Austin, Texas — After years of legal wrangling and posturing, the feds have finally given up their quest to ban food products containing hemp seeds and oils. On Sept. 28, the Hemp Industries Association claimed victory after the feds declined to appeal to the U.S. Supreme Court a ruling from the 9th U.S. Circuit Court of Appeals protecting the sale of hemp-containing foods. “This is a huge victory of the hemp industry,” said David Bronner, chair of the HIA’s food and oil committee and president of Dr. Bronner’s Magic Soaps. “The Bush administrations decision not to appeal… means the three-year-old legal battle over hemp seed products is finally over.”
In 2001, the Drug Enforcement Administration declared that hemp food products were subject to federal regulation under the Controlled Substances Act because they contain trace amounts of tetrahydrocannabinol, or THC, the primary psychoactive ingredient in marijuana. The feds were disabused of their zany notion by the 9th Circuit, which granted the HIA a permanent injunction, squashing the government’s plans to clear store shelves of the offending products. The feds threatened to appeal to the Supremes, but decided last week to avoid further meddling. Eric Steenstra, executive director of Vote Hemp — a nonprofit that aims to expand the hemp market — told the Drug Reform Coordination Network the feds’ action was a big waste of time and money. “The industry should have been focused on marketplace promotion and consumer education rather than flushing over $200,000 down the drain battling pointless DEA hysteria,” he said.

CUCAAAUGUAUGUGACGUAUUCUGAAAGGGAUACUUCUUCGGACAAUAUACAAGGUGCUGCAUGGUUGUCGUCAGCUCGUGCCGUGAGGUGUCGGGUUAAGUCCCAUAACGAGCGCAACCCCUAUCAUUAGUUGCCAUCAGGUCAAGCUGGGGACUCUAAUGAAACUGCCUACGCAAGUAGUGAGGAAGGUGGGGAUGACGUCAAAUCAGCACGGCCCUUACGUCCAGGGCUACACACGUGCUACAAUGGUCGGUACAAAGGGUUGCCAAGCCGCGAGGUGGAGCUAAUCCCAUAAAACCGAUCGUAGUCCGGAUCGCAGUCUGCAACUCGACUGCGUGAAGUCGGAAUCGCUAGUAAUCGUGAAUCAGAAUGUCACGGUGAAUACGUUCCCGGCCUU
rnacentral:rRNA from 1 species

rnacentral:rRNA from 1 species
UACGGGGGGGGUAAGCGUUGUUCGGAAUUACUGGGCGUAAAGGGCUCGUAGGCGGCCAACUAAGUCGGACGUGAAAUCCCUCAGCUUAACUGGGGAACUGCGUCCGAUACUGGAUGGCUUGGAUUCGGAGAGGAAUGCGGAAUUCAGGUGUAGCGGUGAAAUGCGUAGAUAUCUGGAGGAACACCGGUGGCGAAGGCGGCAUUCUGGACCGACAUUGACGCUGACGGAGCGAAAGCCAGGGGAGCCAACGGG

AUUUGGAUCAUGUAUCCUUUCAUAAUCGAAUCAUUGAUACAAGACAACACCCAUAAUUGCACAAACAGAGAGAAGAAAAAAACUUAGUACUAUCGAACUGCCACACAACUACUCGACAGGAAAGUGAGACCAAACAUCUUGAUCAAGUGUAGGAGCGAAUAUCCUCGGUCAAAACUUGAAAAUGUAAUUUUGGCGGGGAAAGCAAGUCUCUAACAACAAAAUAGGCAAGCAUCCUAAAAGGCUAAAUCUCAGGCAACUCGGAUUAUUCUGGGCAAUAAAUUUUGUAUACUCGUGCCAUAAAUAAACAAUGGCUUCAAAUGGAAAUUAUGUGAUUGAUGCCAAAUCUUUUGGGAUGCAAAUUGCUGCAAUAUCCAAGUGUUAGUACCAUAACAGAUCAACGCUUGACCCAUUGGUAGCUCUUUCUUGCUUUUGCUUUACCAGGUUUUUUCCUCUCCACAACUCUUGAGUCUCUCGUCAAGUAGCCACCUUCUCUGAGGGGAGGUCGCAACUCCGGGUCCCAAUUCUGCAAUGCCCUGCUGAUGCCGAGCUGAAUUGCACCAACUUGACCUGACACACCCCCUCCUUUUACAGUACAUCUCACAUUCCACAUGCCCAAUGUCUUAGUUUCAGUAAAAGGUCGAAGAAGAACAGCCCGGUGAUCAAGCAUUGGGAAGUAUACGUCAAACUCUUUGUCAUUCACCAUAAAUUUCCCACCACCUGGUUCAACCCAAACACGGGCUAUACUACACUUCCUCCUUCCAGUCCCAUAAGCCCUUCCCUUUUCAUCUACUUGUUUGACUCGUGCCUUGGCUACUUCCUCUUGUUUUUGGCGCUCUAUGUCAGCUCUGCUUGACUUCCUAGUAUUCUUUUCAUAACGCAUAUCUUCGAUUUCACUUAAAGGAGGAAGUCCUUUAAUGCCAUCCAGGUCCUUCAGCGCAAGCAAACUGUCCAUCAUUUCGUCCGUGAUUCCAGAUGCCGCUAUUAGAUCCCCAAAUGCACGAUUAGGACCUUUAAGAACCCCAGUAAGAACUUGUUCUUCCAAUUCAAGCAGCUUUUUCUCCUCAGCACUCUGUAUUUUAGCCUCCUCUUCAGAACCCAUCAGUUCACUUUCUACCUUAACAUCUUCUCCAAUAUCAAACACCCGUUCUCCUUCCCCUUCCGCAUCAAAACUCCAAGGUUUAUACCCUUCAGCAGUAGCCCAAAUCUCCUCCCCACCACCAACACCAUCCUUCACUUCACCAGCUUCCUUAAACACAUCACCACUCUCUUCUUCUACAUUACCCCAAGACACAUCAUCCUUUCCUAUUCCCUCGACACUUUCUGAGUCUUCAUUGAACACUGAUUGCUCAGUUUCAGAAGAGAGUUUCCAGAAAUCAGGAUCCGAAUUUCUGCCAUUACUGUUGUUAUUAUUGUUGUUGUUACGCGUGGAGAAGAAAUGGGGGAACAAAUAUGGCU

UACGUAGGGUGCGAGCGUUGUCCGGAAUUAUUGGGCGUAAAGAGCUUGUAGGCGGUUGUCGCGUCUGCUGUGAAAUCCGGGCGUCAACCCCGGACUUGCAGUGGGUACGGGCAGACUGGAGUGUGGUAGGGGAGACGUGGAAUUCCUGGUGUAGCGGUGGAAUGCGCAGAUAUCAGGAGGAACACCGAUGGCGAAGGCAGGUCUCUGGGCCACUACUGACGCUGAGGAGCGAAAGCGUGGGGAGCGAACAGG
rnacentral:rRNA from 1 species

Copyright © 2004, Austin Chronicle. All rights reserved.